China and India wooing Sri Lanka

ByHoor Asrar Rauf

A national swimming champion and recently Graduated from UCF-USA in Hospitality and Event Management

Dated

August 2, 2022

Hoor Asrar describes an unsavoury race 

In Sri Lanka the country’s Prime Minister, Ranil Wickremesinghe, has been elected as president to replace the ousted Gotabaya Rajapaksa. This change is not likely to end the crisis as it is expected to provoke turmoil among protesters. Wickremesinghe, who has been prime minister six times won an overwhelming victory in parliament where MPs voted for the new president in an unprecedented secret ballot. Wickremesinghe, 73, had the backing of the ruling Sri Lanka Podujana Peramuna party (SLPP), which has the most seats in parliament and was seen as the candidate favoured by the Rajapaksa family, who despite no longer being in power have significant influence over the party they formed. Wickremesinghe beat competition from another SLPP MP, Dullas Alahapperuma, who was part of a breakaway group and who had the support of the major opposition parties. However, it appeared that in the vote most of the ruling party MPs had rallied behind Wickremesinghe and secured his victory with 134 votes out of 219, while Alahapperuma got just 82.

Present in the parliamentary chamber for the vote were three members of the Rajapaksa family who remain MPs, including Gotabaya’s older brother, the former president and prime minister Mahinda. Wickremesinghe has more than four decades of experience in politics and has pitched himself as an experienced and capable pair of hands to guide Sri Lanka through its worst political and economic crisis in its history, and in particular help the country negotiate a critical bailout from the International Monetary Fund. As the secret ballot took place a silent protest was held at the presidential secretariat in Colombo calling for Wickremesinghe to resign. Wickremesinghe will now serve for the rest of Gotabaya Rajapaksa’s term, until November 2024.

On the other hand, Sri Lanka, with its strategic location at the crossroads of busy shipping routes, has become an arena of geopolitical rivalry and maritime competition between India and China in recent years. Regional heavyweights India and China, both vying for influence in the island nation, have been quick to offer help. India has so far given about $1.5 billion to Colombo for funding imports of food, fuel, medicines and fertilizers. It has also provided another $3.8 billion in assistance in the form of currency swaps and credit lines. Beijing, for its part, is providing some 500 million yuan ($75 million) in humanitarian aid and has promised to play a positive role in Sri Lanka’s talks with the IMF.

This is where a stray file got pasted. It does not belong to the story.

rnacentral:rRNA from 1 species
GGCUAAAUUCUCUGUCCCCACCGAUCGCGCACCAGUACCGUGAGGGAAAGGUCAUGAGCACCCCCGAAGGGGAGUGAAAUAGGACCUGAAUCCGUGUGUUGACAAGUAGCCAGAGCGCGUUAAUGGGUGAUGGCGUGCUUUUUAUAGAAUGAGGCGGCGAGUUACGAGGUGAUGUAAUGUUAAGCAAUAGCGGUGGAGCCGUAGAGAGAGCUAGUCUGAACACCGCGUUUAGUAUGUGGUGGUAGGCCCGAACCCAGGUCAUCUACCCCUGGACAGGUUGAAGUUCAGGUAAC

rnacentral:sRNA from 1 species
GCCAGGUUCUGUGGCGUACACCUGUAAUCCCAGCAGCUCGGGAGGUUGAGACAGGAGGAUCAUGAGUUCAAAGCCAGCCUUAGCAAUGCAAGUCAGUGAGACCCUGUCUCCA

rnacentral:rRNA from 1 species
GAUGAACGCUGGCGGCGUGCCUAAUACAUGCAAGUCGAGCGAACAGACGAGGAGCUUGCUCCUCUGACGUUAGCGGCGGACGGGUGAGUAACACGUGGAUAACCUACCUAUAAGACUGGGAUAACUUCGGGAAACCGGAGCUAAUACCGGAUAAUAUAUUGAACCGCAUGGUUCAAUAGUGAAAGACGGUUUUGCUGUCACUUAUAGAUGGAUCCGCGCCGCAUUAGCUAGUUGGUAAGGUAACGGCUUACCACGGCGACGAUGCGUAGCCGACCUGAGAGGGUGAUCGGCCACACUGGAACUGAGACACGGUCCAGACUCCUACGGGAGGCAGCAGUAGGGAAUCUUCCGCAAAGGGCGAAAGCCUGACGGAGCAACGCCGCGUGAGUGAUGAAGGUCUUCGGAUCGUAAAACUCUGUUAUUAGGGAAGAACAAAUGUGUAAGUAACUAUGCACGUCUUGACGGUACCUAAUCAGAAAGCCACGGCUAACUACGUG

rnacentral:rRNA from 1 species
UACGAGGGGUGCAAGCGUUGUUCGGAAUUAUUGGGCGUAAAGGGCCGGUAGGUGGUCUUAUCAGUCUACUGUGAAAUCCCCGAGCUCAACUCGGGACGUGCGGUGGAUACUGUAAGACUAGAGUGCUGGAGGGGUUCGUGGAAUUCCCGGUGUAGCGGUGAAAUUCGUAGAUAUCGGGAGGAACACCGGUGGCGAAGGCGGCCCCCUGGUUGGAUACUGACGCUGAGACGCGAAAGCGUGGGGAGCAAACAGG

Interestingly, India and Sri Lanka share not only close trade relations but also ethnic and religious ties but during the rule of Rajapaksa family, Beijing appeared to gain sway in Colombo at the expense of New Delhi. China emerged as Sri Lanka’s biggest trade partner and one of its largest creditors, accounting for about 10% of the country’s entire foreign debt of about $51 billion. After Colombo embarked on a massive infrastructure drive following the end of a decades-long civil war in 2009, China pumped money into the country, funding roads, ports and airports, among others making Sri Lanka to emerge as a vital node in the Maritime Silk Road under China’s Beijing and Road Initiative.

Quite obviously, China’s close ties with Sri Lanka have unsettled India, traditionally Colombo’s closest economic and political partner. However, not all the projects turned out financially viable, particularly the debt-financed mega ones like the Hambantota port and the Mattala Rajapaksa International Airport. In 2017, Colombo had to hand over the Hambantota port and thousands of acres of surrounding land to Beijing for 99 years, triggering accusations China engaged in a debt trap diplomacy to gain influence and control over key assets in the country. The result was that China gained a considerable footprint on the island’s foreign policy through infrastructure diplomacy. However, there are concerns regarding Chinese projects due to opaqueness, lack of transparency and high-interest rates for Chinese loans as the Chinese offered loans at considerably higher rates than other lenders such as at 6.4% from China while Japanese loans were less than 1% interest rate.

Now with the economic crisis on hand, the general perception of Beijing’s culpability, as well as China’s apparent reluctance to write off Sri Lanka’s debt India eyes a chance to regain lost ground and consolidate its position as Colombo’s primary partner. Over the past few months, India has managed to wrest control of some Chinese projects in Sri Lanka such as inking a deal to set up hybrid power projects on northern Sri Lankan islands, after China said in December that it was suspending its plans to build plants on three islands due to security issues. Colombo also scrapped an agreement with a Chinese firm to build a $12 million wind farm in the country and offered the project to an Indian rival. These decisions came after Sri Lankan authorities allowed India to proceed with a long-delayed project to jointly redevelop a strategic oil terminal along the island nation’s eastern coastline. Despite India appearing to regain lost ground, not all is well as anti-Indian sentiments still persist among sections of the Sri Lankan population, given suspicions and fears about Indian hegemony. TW

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